Has money been tight since you started college? Even if you get some help from student loans and a stipend from your parents, it can still be hard to make ends meet. You’re not alone. Thousands of other college students struggle financially as they embark on and make their way through college. While it may be difficult for you now, there is a light at the end of the tunnel—graduation. Until then, here are just a few useful financial tips that you can use to help you get through the next few months or years of higher education.
Trade and Swap with Other Students
Have you taken advantage of used book sales and consignment stores for clothes, but you’re still struggling financially? Making a car payment, paying for meals and juggling other bills can put clothing and other daily necessities on the back burner. Look for trade and swap groups on campus in which you can trade clothing, personal goods and furniture or obtain for free. If these types of groups don’t exist and you don’t feel comfortable searching in public swap or freebie forums, talk to your student support center on campus about starting your own group. Another way to save some dough is to take advantage of shopping discounts, like this guide to student discounts. Cutting corners on your shopping budget means more money in your pocket.
Take Advantage of School Resources
Did you know that there are a lot of free or low-cost resources that your school offers that you may not be taking advantage of? Many offer programs that can help make life a little more manageable while you’re going to school. One stop should be at the career services office. Here they may be able to help you find campus jobs, offer cafeteria coupons and give you some leads on scholarships you may qualify for. Are you paying a lot of money per hour for a private tutor? Sometimes, college campuses will offer tutors and other academic help resources for free. You may also qualify for a peer mentor—another student who can help you with homework questions and studying for tests.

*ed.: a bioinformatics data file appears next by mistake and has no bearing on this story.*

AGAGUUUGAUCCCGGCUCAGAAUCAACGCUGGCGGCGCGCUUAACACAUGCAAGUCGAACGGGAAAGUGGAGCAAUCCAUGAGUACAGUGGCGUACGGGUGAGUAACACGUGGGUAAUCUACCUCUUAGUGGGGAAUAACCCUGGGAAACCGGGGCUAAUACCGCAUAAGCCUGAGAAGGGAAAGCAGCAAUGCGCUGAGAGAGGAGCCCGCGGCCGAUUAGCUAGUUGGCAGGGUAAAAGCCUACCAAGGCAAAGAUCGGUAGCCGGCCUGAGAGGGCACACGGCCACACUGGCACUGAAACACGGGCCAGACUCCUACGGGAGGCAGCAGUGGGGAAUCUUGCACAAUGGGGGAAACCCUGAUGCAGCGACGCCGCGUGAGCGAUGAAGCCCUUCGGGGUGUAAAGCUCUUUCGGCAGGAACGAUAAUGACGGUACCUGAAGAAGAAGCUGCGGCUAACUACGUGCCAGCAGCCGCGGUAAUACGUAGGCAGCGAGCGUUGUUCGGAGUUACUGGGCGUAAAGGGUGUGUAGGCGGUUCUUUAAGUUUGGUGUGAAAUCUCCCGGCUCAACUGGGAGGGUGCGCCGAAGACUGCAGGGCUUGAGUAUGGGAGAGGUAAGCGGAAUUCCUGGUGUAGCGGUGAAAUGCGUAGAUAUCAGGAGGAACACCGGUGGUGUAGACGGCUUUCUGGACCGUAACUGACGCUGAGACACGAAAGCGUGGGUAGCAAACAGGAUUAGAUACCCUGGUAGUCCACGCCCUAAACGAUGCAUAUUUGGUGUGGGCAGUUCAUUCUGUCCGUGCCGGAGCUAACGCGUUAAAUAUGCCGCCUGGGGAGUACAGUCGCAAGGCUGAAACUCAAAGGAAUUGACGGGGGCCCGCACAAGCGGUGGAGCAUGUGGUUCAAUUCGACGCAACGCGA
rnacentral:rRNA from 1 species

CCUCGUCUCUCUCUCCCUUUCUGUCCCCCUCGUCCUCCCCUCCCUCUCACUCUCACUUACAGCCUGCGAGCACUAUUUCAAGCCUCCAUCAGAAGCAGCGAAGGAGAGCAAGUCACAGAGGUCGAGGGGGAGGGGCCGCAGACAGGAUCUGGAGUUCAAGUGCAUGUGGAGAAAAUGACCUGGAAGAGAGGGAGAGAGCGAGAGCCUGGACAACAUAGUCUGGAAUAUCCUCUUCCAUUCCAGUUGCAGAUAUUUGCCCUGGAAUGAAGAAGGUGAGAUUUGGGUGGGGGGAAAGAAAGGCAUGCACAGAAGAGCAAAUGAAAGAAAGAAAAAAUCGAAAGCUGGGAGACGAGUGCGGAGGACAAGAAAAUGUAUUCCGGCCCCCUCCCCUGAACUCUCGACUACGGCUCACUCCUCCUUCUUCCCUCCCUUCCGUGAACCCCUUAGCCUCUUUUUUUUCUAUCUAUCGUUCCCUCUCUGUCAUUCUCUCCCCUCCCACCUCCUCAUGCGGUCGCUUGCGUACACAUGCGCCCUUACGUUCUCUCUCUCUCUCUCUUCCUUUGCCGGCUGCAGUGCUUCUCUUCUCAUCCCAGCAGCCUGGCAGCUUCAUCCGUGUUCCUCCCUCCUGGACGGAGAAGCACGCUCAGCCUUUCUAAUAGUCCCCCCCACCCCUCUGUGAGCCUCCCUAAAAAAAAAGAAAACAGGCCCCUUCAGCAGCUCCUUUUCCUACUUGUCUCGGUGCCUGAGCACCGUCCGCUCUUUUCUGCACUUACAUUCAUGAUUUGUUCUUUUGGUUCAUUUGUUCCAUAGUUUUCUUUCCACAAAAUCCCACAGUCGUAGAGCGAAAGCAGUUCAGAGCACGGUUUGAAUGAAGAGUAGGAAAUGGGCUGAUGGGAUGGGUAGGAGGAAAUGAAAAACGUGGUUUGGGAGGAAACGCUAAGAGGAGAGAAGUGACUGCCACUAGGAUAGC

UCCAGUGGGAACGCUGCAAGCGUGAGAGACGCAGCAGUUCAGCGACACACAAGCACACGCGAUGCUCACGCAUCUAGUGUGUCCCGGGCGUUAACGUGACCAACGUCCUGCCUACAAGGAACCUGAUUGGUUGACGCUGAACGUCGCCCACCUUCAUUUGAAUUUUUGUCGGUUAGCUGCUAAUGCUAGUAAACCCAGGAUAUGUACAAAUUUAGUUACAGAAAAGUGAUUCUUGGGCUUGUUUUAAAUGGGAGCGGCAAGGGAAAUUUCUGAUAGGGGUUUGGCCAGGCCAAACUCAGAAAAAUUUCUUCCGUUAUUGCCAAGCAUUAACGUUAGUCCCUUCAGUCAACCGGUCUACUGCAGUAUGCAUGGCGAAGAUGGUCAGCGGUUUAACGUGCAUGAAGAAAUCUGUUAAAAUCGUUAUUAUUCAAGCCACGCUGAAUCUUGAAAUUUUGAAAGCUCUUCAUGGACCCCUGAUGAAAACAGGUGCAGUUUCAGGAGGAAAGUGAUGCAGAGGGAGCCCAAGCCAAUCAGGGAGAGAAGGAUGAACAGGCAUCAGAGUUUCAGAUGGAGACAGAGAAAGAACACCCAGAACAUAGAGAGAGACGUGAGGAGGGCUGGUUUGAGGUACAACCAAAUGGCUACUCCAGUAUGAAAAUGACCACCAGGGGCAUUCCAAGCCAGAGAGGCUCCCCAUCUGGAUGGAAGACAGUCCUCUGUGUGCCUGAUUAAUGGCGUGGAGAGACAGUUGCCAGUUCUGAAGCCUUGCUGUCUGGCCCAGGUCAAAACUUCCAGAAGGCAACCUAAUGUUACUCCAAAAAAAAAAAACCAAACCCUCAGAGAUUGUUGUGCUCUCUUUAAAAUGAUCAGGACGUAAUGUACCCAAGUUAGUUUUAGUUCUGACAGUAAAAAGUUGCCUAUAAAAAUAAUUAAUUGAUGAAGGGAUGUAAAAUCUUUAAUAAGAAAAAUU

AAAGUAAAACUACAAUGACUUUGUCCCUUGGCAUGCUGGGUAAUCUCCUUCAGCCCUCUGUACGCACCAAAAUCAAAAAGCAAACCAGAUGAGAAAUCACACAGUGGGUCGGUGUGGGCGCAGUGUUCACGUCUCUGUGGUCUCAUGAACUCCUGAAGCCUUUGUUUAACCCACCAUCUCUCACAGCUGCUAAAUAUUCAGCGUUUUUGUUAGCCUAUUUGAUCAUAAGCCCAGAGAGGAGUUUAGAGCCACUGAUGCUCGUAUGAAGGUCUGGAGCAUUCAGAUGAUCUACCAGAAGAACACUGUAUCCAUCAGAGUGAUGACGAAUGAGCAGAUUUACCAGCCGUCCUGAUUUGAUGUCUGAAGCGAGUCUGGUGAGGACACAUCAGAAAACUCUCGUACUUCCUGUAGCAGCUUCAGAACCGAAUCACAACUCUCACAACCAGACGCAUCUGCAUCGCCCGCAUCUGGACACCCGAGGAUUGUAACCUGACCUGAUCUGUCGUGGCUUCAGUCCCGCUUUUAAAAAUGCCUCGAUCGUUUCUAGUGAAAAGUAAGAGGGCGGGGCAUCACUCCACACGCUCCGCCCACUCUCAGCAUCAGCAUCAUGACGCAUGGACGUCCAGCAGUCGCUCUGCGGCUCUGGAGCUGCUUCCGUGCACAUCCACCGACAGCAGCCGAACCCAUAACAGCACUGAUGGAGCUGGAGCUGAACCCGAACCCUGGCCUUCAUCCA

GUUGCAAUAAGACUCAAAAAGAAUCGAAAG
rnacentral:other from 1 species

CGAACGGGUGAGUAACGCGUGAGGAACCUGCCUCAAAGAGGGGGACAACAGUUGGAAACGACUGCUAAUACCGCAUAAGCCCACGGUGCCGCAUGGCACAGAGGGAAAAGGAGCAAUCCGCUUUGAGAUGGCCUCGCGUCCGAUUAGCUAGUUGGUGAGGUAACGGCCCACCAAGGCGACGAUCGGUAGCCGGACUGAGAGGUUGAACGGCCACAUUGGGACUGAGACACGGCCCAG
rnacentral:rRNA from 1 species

Find Affordable Meals That Stretch Your Dollar
Are you having trouble eating at least three times a day? Is it a struggle to afford food, after paying for books and tuition? According to the National Student Campaign Against Hunger & Homelessness, 48 percent of study participants experienced food insecurity in the past month. This can affect your grades, and make it difficult to concentrate on the task at hand. Here are a few ways to help curb hunger pangs:
- *Sign up for an affordable meal plan at school, so food is available when you need it.
- *Take advantage of local food banks that help students.
- *Organize a group to start a campus garden, food pantry, and food drives.
- *Apply for food stamps or food benefits through your state.
- *Attend a couponing class to find ways to budget your funds for food and save money.
There are several ways to fight hunger while you’re away at school. The first step is asking others for help. It’s a battle you don’t have to handle on your own.
Allow Yourself a Break from Stress
One thing that may be affecting your finances at college is stress and vice versa. Stress can have a crippling effect on your grades and trigger bouts of severe depression. If you’re unable to afford to go seek professional counseling, try tapping into the resources at your school. Each campus should have a health center or be affiliated with a clinic that looks after students’ mental and physical health needs. In many cases, these sessions are included in tuition and offered as a courtesy to students. If college counselors are unable to help you, they will refer to you an outsourced psychologist or medical doctor for further evaluation and counseling. Be sure to take care of your mental health by allowing yourself time to decompress. Go out and interact with other students, go to a quiet place on campus to relax or take advantage of student days on campus—where they offer free or low-cost pampering services.
Getting through four years of college comes with plenty of ups and downs. Struggling financially is expected by a lot of students. Don’t let it ruin your lifestyle to the point where coping is unmanageable. Reach out for help sooner rather than later.